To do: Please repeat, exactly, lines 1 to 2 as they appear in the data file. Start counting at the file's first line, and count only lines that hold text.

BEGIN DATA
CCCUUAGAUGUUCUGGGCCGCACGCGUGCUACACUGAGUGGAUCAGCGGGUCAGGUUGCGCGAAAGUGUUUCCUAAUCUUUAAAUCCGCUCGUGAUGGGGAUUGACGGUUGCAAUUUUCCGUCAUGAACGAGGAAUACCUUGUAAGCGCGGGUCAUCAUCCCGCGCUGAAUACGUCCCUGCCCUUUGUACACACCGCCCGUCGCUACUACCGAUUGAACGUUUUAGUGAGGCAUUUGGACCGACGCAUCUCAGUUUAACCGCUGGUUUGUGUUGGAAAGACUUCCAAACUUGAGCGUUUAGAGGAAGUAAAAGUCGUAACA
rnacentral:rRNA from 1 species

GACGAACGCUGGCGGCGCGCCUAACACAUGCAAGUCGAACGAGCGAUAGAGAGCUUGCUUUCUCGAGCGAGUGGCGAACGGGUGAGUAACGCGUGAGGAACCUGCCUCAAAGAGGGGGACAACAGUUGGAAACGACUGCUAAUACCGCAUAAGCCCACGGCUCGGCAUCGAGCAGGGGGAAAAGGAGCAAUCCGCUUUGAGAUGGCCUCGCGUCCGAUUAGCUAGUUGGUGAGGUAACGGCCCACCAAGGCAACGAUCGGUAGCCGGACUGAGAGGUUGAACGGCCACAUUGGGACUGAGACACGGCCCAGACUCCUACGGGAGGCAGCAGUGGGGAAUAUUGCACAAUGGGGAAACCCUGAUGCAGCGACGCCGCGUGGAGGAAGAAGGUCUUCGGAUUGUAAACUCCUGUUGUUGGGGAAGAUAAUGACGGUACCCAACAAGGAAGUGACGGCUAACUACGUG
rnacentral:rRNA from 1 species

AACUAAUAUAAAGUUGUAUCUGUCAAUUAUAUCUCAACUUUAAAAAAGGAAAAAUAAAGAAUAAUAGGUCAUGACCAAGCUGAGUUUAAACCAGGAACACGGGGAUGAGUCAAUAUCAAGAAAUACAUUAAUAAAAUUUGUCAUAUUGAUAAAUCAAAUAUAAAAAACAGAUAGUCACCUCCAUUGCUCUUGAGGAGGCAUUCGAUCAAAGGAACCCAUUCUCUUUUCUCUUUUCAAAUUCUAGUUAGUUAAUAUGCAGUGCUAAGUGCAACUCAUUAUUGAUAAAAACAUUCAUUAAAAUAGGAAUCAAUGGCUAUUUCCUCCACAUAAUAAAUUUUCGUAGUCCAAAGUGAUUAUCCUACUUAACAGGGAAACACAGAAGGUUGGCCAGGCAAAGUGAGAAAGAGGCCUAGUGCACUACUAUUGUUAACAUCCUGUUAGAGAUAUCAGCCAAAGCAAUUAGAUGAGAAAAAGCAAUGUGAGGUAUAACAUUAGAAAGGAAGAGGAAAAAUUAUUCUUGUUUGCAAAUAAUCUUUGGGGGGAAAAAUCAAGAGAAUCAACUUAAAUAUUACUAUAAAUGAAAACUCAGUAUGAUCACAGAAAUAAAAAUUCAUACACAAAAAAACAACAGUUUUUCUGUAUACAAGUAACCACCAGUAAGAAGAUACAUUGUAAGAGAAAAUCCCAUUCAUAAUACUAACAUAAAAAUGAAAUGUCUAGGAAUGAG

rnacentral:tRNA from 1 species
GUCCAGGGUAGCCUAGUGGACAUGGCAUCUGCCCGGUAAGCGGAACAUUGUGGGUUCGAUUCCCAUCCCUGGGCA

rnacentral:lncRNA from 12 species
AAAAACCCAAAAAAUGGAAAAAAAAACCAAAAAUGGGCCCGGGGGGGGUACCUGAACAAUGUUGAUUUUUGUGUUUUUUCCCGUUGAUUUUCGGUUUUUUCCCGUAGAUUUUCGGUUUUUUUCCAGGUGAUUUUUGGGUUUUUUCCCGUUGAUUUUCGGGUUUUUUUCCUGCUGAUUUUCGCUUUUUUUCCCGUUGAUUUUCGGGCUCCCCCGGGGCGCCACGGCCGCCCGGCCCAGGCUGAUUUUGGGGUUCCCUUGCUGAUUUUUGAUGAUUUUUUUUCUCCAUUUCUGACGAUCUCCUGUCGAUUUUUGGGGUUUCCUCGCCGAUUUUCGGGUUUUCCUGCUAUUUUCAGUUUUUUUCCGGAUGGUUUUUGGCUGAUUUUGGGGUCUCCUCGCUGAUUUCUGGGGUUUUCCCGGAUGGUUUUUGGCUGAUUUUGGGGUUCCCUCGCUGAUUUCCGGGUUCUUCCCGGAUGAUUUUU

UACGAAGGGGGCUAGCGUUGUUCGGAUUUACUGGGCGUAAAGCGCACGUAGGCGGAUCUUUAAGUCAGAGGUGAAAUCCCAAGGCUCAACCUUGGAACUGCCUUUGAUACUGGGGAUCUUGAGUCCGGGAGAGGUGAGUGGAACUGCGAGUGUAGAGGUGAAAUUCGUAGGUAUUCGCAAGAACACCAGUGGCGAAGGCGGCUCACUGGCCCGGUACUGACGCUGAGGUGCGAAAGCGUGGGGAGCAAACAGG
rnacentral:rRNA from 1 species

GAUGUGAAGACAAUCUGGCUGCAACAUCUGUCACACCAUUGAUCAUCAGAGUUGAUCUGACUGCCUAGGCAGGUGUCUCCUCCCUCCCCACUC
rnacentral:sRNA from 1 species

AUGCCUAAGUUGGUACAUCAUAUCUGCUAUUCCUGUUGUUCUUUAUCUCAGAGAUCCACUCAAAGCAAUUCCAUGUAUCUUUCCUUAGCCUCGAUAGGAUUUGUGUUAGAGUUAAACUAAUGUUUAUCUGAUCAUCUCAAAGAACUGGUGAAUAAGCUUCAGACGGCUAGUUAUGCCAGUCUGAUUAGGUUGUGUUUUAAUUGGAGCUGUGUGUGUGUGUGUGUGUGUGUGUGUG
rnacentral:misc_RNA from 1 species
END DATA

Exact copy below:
CCCUUAGAUGUUCUGGGCCGCACGCGUGCUACACUGAGUGGAUCAGCGGGUCAGGUUGCGCGAAAGUGUUUCCUAAUCUUUAAAUCCGCUCGUGAUGGGGAUUGACGGUUGCAAUUUUCCGUCAUGAACGAGGAAUACCUUGUAAGCGCGGGUCAUCAUCCCGCGCUGAAUACGUCCCUGCCCUUUGUACACACCGCCCGUCGCUACUACCGAUUGAACGUUUUAGUGAGGCAUUUGGACCGACGCAUCUCAGUUUAACCGCUGGUUUGUGUUGGAAAGACUUCCAAACUUGAGCGUUUAGAGGAAGUAAAAGUCGUAACA
rnacentral:rRNA from 1 species